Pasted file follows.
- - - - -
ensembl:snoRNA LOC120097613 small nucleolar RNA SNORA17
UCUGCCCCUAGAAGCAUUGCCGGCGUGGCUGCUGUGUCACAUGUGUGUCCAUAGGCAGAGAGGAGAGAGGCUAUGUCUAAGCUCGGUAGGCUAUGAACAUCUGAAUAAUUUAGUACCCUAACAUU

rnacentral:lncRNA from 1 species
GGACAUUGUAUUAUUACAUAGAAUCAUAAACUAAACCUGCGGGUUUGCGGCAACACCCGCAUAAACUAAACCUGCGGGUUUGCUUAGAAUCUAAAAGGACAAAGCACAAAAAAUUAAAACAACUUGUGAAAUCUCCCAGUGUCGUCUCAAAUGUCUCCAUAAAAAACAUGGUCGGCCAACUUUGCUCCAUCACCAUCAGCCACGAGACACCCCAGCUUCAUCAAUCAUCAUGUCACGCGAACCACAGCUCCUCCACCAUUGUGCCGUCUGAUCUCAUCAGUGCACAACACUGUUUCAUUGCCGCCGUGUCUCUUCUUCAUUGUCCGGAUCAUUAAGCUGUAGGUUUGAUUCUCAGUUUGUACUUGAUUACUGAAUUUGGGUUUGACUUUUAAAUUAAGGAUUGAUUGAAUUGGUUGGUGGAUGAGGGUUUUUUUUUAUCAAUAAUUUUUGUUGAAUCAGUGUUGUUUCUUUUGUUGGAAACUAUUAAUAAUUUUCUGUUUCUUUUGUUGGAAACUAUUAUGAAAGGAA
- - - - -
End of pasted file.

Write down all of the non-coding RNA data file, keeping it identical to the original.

ensembl:snoRNA LOC120097613 small nucleolar RNA SNORA17
UCUGCCCCUAGAAGCAUUGCCGGCGUGGCUGCUGUGUCACAUGUGUGUCCAUAGGCAGAGAGGAGAGAGGCUAUGUCUAAGCUCGGUAGGCUAUGAACAUCUGAAUAAUUUAGUACCCUAACAUU

rnacentral:lncRNA from 1 species
GGACAUUGUAUUAUUACAUAGAAUCAUAAACUAAACCUGCGGGUUUGCGGCAACACCCGCAUAAACUAAACCUGCGGGUUUGCUUAGAAUCUAAAAGGACAAAGCACAAAAAAUUAAAACAACUUGUGAAAUCUCCCAGUGUCGUCUCAAAUGUCUCCAUAAAAAACAUGGUCGGCCAACUUUGCUCCAUCACCAUCAGCCACGAGACACCCCAGCUUCAUCAAUCAUCAUGUCACGCGAACCACAGCUCCUCCACCAUUGUGCCGUCUGAUCUCAUCAGUGCACAACACUGUUUCAUUGCCGCCGUGUCUCUUCUUCAUUGUCCGGAUCAUUAAGCUGUAGGUUUGAUUCUCAGUUUGUACUUGAUUACUGAAUUUGGGUUUGACUUUUAAAUUAAGGAUUGAUUGAAUUGGUUGGUGGAUGAGGGUUUUUUUUUAUCAAUAAUUUUUGUUGAAUCAGUGUUGUUUCUUUUGUUGGAAACUAUUAAUAAUUUUCUGUUUCUUUUGUUGGAAACUAUUAUGAAAGGAA